The short version is that both authors, in creating purported "classics" of science fiction, did so by presenting circumstances as new and unanticipated that had, in fact, been the subject of extensive anticipation in analogous human activities. Both works rely upon the ignorance of the authors and the readers to both establish and maintain their respective premises. And that's not good for anyone.

  • A simultaneously snarky and serious critique of PowerPoint slide presentations in academia brings back nightmares of the tyranny of slides in military briefings from well before PowerPoint. (Face it: I'm no spring chicken.) One of the reasons that I was considered a "good briefer" is that the slides I specified were seldom (if ever) mere summaries of my briefings. A numeric value ("we're now 1100 man-hours short of mission requirements") might be referenced on the slide... but I did the math elsewhere and explained all of the assumptions. Conversely, I seldom stated specific citations ("Classified Annex C, paragraph 2-14 and the accompanying table") in the briefing, leaving those for the slides — copies of which would be distributed as necessary after the briefing. But that was not the norm; indeed, in the early 1980s, all three services devoted between two and three weeks of their sophomore-level ROTC courses to not substance, but ridiculous lock-step briefing techniques largely unchanged since the 1940s.

    The real problem with PowerPoint, etc. is that it devalues any coherent narrative in a presentation. Despite three millenia of experimentation, humanity keeps returning to narrative as the most efficient and effective way to impart information, encourage retention of that information, and make intelligent (or at least defensible) decisions based upon that information. PowerPoint and various less-technical slide-based systems like the military briefing reject that that wisdom in favor of visual methods that help retain individual datapoints — Jeopardy! trivia — from presentations. That, of course, presumes that the audience already understands the narrative and just needs to update it for particular circumstances, and can accurately assess the significance of particular updated data for that narrative... and when teaching (or even briefing), almost nothing could be farther from reality.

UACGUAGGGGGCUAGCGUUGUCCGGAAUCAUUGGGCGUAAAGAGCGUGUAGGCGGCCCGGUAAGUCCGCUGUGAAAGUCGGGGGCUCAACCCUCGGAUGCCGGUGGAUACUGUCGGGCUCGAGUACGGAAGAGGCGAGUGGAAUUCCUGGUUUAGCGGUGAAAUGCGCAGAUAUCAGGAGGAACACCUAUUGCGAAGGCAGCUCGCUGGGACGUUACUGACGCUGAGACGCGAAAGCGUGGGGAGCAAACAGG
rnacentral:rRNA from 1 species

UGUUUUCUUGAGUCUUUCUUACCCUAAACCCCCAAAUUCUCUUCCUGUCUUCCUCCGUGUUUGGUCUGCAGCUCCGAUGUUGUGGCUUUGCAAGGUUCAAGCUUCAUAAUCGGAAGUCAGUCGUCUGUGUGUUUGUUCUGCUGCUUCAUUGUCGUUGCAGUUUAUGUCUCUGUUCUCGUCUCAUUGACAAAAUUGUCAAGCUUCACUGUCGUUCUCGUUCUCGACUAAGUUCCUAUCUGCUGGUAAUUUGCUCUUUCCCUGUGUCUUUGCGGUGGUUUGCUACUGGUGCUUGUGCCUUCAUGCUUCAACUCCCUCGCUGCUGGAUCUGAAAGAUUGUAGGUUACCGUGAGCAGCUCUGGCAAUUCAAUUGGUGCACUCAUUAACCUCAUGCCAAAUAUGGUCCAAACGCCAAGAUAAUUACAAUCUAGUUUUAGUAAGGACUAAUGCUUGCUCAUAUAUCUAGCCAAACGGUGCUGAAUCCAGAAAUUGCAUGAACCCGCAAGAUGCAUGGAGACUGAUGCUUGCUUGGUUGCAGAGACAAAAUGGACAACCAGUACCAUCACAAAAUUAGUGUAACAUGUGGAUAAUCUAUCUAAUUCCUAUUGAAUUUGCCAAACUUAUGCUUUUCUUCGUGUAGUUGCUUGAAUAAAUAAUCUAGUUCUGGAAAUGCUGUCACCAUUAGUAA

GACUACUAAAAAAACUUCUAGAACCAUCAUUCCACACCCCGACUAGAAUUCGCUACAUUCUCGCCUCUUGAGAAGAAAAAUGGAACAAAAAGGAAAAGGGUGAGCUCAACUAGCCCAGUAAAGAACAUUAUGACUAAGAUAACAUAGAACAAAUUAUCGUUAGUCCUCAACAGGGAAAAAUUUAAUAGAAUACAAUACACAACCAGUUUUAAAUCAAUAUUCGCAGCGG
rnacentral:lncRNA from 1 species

• Professor Buchanan laments "The Regrettable Loss of Intellectual Nuance When Battle Lines Are Drawn." It is, itself, a nicely nuanced piece, but it unfortunately makes a rather tenuous assumption: That intellectual nuance is the default before battle. Intellectual nuance — and its close cousin intellectual honesty — requires a certain allegiance to fact- and context-sensitivity. Some institutions, by their very nature and existence, limit or foreclose such sensitivity. I suppose that one could argue that those institutions draw lines of battle passively (again, by their very nature and existence), but I think that is perhaps too easy an assertion... and ignores the nuance that any organization sufficiently large to have that kind of influence upon argument has embedded in it. Even FauxNooz!